NSA can retain encrypted communications of Americans possibly indefinitely

The US National Security Agency (NSA) can retain communications of US citizens or residents potentially indefinitely if those communications are encrypted, according to a newly leaked secret government document.

The document describes the procedures used by the NSA to minimize data collection from US persons and is one of two documents published Thursday by UK-based newspaper The Guardian. The documents date from July 2009, were signed by US Attorney General Eric Holder and were approved by the US Foreign Intelligence Surveillance Court, the newspaper reported.

The documents state that the NSA is not allowed to intentionally target persons known to be located in the US, but describe several provisions under which the agency is allowed to retain, or share with other US agencies, communications of US persons that were acquired inadvertently. These include cases when the data is likely to contain foreign intelligence, information on criminal activity or is encrypted.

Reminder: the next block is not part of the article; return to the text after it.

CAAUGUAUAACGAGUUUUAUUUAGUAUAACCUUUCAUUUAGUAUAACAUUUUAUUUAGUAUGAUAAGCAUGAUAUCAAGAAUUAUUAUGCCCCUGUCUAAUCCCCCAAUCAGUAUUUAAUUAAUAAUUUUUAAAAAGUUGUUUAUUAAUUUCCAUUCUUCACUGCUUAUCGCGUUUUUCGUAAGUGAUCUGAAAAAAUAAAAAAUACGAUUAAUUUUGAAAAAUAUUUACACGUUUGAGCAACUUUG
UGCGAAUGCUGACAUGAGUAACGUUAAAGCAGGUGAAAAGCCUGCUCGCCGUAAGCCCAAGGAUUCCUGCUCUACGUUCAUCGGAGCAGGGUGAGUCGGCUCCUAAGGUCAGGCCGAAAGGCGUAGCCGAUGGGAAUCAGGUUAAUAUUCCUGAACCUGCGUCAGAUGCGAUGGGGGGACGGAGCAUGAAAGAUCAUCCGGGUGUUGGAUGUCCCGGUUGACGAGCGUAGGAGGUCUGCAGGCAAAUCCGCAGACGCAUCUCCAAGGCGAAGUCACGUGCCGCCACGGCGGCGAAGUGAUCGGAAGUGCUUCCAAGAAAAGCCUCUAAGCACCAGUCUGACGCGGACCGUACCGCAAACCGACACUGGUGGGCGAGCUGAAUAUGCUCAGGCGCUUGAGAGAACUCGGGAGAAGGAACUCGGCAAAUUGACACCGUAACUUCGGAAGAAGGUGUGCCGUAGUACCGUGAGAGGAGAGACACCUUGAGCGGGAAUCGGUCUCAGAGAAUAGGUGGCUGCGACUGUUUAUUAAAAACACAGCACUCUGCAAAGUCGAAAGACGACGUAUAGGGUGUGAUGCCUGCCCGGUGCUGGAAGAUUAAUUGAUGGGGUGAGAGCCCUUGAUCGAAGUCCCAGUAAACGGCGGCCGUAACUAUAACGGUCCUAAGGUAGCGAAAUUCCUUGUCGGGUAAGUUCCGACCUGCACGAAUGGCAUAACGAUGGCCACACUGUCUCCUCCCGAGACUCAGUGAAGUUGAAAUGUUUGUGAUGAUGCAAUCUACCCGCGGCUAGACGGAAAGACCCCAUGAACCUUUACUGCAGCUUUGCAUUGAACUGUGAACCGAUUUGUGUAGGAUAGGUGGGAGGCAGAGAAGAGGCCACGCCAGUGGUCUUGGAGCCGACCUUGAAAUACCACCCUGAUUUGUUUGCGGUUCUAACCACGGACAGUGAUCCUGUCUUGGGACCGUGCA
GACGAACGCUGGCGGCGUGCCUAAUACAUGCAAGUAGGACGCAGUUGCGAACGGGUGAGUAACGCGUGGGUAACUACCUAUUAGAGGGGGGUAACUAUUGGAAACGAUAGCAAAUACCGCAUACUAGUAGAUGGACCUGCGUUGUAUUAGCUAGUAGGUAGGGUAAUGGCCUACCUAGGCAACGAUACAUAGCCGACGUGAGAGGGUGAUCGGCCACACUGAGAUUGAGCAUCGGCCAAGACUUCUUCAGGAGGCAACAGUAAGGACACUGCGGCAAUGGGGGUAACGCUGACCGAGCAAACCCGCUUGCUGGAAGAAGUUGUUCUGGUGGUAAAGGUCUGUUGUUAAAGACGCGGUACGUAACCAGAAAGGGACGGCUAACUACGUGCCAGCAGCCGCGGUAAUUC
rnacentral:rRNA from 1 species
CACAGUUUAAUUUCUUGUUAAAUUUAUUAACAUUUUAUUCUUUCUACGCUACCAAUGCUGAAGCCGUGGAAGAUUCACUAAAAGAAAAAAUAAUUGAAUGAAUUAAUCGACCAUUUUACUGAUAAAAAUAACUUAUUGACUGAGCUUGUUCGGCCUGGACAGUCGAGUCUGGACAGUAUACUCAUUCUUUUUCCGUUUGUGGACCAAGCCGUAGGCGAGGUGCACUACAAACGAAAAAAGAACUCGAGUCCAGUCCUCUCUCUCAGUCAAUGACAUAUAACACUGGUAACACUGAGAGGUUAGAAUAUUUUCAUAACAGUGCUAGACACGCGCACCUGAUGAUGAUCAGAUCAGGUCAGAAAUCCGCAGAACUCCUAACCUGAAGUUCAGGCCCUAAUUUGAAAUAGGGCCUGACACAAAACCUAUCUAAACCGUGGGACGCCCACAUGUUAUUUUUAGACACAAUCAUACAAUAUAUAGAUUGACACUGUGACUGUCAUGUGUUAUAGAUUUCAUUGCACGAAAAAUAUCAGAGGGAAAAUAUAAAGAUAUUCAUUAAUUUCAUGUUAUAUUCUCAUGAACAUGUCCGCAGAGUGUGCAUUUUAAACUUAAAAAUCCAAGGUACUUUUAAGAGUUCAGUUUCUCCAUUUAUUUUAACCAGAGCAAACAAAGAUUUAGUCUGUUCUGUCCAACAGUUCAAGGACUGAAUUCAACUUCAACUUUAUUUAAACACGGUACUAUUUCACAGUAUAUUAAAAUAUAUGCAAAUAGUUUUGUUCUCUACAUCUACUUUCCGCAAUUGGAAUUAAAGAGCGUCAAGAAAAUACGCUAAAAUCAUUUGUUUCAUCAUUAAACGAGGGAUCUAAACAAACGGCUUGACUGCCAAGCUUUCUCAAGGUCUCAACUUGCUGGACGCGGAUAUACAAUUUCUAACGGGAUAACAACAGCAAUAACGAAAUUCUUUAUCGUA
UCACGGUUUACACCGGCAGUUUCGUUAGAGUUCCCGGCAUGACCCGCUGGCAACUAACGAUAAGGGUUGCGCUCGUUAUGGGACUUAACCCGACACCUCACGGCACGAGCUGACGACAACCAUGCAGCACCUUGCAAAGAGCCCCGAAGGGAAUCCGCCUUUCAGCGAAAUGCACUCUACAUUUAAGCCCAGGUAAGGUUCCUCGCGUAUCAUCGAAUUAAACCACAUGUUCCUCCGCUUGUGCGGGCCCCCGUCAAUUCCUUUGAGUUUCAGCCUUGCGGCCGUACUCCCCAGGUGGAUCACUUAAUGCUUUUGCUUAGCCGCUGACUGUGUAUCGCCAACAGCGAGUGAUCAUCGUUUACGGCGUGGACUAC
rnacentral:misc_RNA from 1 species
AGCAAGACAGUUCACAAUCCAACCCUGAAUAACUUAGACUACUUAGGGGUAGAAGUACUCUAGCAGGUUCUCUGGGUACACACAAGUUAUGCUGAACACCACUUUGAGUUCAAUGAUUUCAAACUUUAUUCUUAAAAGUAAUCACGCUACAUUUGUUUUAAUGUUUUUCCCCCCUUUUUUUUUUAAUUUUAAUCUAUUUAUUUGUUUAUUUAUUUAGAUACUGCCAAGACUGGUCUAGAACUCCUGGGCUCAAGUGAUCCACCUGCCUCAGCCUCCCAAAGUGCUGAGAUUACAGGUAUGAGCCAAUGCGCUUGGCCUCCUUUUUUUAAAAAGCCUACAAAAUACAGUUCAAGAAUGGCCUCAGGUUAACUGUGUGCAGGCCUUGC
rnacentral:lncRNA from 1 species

According to the document describing data collection minimisation procedures, foreign communications between a US person and a party located outside of the US that was collected during data acquisitions authorized under the Foreign Intelligence Surveillance Act (FISA) can be retained for cryptanalytic, traffic analysis, or signal exploitation purposes.

The retention of such communications is permitted for a period sufficient to allow a thorough exploitation and to permit access to data reasonably believed to be or become relevant to current or future foreign intelligence requirements — via redwolf.newsvine.com

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